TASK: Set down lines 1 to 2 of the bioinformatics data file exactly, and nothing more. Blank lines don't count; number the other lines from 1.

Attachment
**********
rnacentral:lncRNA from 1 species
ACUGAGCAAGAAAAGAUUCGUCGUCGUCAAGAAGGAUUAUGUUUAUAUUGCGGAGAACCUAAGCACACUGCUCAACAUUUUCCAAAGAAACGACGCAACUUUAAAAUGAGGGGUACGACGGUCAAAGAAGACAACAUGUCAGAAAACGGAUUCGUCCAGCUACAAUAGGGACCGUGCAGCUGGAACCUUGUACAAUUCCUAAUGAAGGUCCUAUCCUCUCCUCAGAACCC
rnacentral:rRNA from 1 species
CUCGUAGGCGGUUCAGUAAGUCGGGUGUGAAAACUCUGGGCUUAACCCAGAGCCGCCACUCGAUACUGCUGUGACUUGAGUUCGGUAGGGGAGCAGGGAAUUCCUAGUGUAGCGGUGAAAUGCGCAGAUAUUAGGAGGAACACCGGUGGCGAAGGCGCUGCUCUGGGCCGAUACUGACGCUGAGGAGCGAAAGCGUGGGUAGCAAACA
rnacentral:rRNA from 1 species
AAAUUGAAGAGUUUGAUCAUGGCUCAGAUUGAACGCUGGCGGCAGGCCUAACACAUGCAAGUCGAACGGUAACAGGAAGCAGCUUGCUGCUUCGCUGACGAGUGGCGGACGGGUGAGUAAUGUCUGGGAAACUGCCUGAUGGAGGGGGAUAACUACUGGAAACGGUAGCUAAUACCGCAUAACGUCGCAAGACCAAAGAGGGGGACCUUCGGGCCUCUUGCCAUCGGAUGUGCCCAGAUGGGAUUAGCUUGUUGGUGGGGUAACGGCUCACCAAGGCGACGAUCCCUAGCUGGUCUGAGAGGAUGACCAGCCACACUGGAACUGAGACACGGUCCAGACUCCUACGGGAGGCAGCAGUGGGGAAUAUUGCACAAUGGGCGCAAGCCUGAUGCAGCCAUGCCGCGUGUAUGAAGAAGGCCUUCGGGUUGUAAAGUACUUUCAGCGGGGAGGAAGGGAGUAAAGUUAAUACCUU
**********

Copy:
rnacentral:lncRNA from 1 species
ACUGAGCAAGAAAAGAUUCGUCGUCGUCAAGAAGGAUUAUGUUUAUAUUGCGGAGAACCUAAGCACACUGCUCAACAUUUUCCAAAGAAACGACGCAACUUUAAAAUGAGGGGUACGACGGUCAAAGAAGACAACAUGUCAGAAAACGGAUUCGUCCAGCUACAAUAGGGACCGUGCAGCUGGAACCUUGUACAAUUCCUAAUGAAGGUCCUAUCCUCUCCUCAGAACCC